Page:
Vital Ocean Voices is a series of stories from people living in coastal communities around the Indian Ocean, providing first-hand accounts of the impacts of destructive fishing, pollution and climate breakdown.
Aurelie, a scientist from Mauritius and daughter of a fisherman, always felt a strong connection with the ocean. Growing up by a beach she witnessed the unsustainable development affecting the ocean. Her life mission is to inspire future generations to protect the ocean, starting where land meets the sea.
It was on the 26th of July 1990, you could hear a newborn crying from a distance. “Is he a boy?” asked the dad. No Mr. Jocelyn it’s a girl, replied the doctor. The mother and the now big sister were both happy to welcome this new baby girl and could not contain their joy. We will name her Aurelie, they said to the dad, who on the other hand was not having it. He wanted a boy so desperately and made up his mind to raise the little girl like his son. He even started calling her “ti zom”, meaning little man. If you are still guessing who Aurelie is, then yes, I am ti zom.
I was born and raised as a boy on an island named Mauritius. The island is surrounded by white sandy beaches and crystal-clear turquoise lagoons with a diversity of aquatic life to be observed. I was lucky to be treated like a boy in my time and this island was my playground. While all the other girls from my block had to do chores and stay at home. He would often take me on fishing trips to feed the family. I would be fishing from the shore my dad would be fishing past the reef. At the end of the day, they had a full catch, sharing it amongst other fishers and people in the community.
During the cyclone season, my dad and I would often check the beaches as this would be a great opportunity to easily collect fish and octopuses that were washed ashore. I felt privileged to have this intimate connection and sense of freedom with my dad, the ocean, and the volcanic land which rose from the sea. However, with time he started coming back home with fewer and smaller sized fishes. During this time bigger fishing fleets were visible on the horizon, fishing further and for longer. Ocean life in the seas surrounding Mauritius were depleting.
As I journeyed through life it became clearer to me that the strong connection, I felt with nature would dictate the path I would take. I decided to become a conservation biologist, devoting my time to the protection of mother nature. However, as a conservation biologist, it was clear that Mauritius has a dark side, a history of terrible consequences to its wildlife from human activity. Mauritius shows our potential to cause the extinction of an entire species, the dodo being wiped off this planet, never to return again and thus the expression… “dead as a dodo”.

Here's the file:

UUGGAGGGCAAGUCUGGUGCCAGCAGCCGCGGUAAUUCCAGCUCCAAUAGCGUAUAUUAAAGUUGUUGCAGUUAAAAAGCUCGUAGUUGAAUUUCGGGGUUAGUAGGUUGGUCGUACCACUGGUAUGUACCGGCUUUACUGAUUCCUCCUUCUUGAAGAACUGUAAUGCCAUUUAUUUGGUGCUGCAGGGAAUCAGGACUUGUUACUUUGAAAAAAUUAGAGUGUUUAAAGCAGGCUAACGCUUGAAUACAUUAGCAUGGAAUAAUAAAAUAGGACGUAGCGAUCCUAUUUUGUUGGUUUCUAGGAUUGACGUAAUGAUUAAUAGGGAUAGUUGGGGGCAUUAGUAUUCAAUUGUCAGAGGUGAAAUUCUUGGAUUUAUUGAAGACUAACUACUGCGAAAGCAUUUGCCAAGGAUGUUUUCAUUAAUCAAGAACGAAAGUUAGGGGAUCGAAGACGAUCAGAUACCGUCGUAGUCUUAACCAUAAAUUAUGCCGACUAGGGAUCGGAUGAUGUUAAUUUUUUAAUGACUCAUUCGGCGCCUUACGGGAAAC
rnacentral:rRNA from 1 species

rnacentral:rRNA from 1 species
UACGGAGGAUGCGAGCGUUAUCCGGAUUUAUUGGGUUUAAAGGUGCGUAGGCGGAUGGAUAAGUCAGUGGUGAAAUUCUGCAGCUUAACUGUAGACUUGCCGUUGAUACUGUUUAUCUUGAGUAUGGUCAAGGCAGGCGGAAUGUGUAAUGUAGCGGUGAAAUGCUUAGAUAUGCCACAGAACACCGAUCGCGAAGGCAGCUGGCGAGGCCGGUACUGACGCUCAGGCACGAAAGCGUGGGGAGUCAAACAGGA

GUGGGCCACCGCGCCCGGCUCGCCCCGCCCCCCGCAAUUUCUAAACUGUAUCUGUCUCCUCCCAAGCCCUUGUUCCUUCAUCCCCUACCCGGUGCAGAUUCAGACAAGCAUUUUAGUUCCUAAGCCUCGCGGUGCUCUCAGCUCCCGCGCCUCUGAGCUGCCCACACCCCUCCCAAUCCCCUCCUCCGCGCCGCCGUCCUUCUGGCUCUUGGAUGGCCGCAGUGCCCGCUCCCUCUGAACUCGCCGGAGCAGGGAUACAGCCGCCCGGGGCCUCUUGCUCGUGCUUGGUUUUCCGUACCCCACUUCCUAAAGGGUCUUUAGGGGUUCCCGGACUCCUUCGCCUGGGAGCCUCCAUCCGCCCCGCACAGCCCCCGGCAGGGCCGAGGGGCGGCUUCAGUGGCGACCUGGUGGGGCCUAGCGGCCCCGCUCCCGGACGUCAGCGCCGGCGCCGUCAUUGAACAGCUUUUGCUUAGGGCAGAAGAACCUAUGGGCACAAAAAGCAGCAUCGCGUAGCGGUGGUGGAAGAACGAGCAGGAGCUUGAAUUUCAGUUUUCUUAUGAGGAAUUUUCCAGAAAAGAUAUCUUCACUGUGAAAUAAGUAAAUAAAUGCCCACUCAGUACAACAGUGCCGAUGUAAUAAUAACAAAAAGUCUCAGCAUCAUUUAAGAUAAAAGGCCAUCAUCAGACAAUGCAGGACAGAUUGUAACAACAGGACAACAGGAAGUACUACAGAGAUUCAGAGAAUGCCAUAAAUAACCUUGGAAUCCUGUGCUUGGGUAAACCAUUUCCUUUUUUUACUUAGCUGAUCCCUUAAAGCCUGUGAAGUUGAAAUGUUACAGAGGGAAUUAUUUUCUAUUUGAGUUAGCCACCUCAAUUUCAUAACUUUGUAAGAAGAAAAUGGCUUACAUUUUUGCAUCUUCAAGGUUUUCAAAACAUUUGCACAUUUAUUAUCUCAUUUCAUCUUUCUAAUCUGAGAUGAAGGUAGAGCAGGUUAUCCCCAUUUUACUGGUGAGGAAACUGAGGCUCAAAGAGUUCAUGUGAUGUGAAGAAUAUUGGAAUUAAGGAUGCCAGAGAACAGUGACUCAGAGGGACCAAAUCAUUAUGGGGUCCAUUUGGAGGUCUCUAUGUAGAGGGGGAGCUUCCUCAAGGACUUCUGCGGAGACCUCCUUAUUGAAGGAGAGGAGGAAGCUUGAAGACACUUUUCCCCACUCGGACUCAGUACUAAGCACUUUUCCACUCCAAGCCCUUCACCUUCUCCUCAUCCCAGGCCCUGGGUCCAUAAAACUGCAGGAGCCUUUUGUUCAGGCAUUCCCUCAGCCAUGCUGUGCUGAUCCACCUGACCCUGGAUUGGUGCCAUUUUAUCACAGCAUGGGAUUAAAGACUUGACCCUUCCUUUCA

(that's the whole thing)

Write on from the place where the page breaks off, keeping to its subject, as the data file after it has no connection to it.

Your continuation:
For myself, I consider this place as the country of hope for environmental protection action, a motherland for future conservation biologists who will fight to protect the remaining Mauritian species. My dad could not believe his eyes when I made it to University. The simple fisherman, had a daughter graduating with a BSc in Biology. Looking in his eyes I could see that he no longer saw me as his little boy, but his beautiful young and inspiring biologist full of hope for the future of nature and Mauritius. This was one of the proudest days of my life.
My journey continued with the Mauritian Wildlife Foundation where I dedicated five years of my life. Three years was spent as the Round Island Senior Warden. Round Island is north of Mauritius, and has one of the biggest colony of seabirds in Mauritius; red- and white-tailed tropicbirds, Round Island petrels, wedge-tailed shearwaters, sooty terns and common noddies. We found a tropicbird returning from sea covered in oil and we also remove fishing debris from the rings of seabirds.
My role was to protect the island from invasive species, to monitor the health of the plants and animals and restoring the island to its natural state. Past and present human activities were visible on the surrounding sea, the seabirds acting as messengers. We cleaned the coastal areas of marine debris, floating with ocean currents and from the mainland. It was mainly plastic material such as fishing debris, bottles, flip flops, plastic bags and lots of polystyrene broken down into smaller pieces. Our life support system being destroyed, the pollution a visible reminder of our in-actions.
I was granted a fellowship from the Zoological Society of London to raise awareness toward protecting the environment with the next generation of Mauritius. I used this opportunity to explain how land is connected to the ocean and how we depend on a healthy ocean to live. As islanders, we must protect marine and terrestrial life to survive. Throughout my journey, my dad was proud to see how he contributed to the woman I am today. As his legacy, I know he is looking over me as I try to save our homeland.
Aurelie Hector is a scientist from Mauritius.